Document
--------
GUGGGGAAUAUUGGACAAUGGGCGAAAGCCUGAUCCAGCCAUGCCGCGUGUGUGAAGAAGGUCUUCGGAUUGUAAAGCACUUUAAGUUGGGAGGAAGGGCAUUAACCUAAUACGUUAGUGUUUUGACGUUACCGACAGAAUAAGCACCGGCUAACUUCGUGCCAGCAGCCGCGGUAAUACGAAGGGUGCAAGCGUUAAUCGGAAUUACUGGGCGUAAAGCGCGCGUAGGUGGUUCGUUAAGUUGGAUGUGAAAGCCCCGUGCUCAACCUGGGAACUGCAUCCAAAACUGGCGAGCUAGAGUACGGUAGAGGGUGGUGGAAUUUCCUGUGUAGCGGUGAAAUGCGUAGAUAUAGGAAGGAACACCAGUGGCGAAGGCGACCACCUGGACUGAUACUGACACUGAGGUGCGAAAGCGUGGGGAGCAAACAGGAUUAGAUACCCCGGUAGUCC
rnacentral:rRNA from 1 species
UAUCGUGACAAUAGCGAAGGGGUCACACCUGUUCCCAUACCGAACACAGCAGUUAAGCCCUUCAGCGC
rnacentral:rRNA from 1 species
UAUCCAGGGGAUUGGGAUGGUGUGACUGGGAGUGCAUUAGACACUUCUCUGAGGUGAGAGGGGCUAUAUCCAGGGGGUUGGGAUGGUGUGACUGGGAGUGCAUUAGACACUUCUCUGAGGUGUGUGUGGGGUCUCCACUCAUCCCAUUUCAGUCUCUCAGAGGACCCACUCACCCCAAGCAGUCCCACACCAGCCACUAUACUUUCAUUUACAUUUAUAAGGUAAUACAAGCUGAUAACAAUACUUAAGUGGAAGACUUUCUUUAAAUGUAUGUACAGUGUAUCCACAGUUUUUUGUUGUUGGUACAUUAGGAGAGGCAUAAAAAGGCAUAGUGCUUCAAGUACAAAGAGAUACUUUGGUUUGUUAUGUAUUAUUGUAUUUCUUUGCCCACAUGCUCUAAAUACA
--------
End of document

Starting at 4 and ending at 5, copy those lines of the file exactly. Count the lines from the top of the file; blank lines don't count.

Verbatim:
rnacentral:rRNA from 1 species
UAUCCAGGGGAUUGGGAUGGUGUGACUGGGAGUGCAUUAGACACUUCUCUGAGGUGAGAGGGGCUAUAUCCAGGGGGUUGGGAUGGUGUGACUGGGAGUGCAUUAGACACUUCUCUGAGGUGUGUGUGGGGUCUCCACUCAUCCCAUUUCAGUCUCUCAGAGGACCCACUCACCCCAAGCAGUCCCACACCAGCCACUAUACUUUCAUUUACAUUUAUAAGGUAAUACAAGCUGAUAACAAUACUUAAGUGGAAGACUUUCUUUAAAUGUAUGUACAGUGUAUCCACAGUUUUUUGUUGUUGGUACAUUAGGAGAGGCAUAAAAAGGCAUAGUGCUUCAAGUACAAAGAGAUACUUUGGUUUGUUAUGUAUUAUUGUAUUUCUUUGCCCACAUGCUCUAAAUACA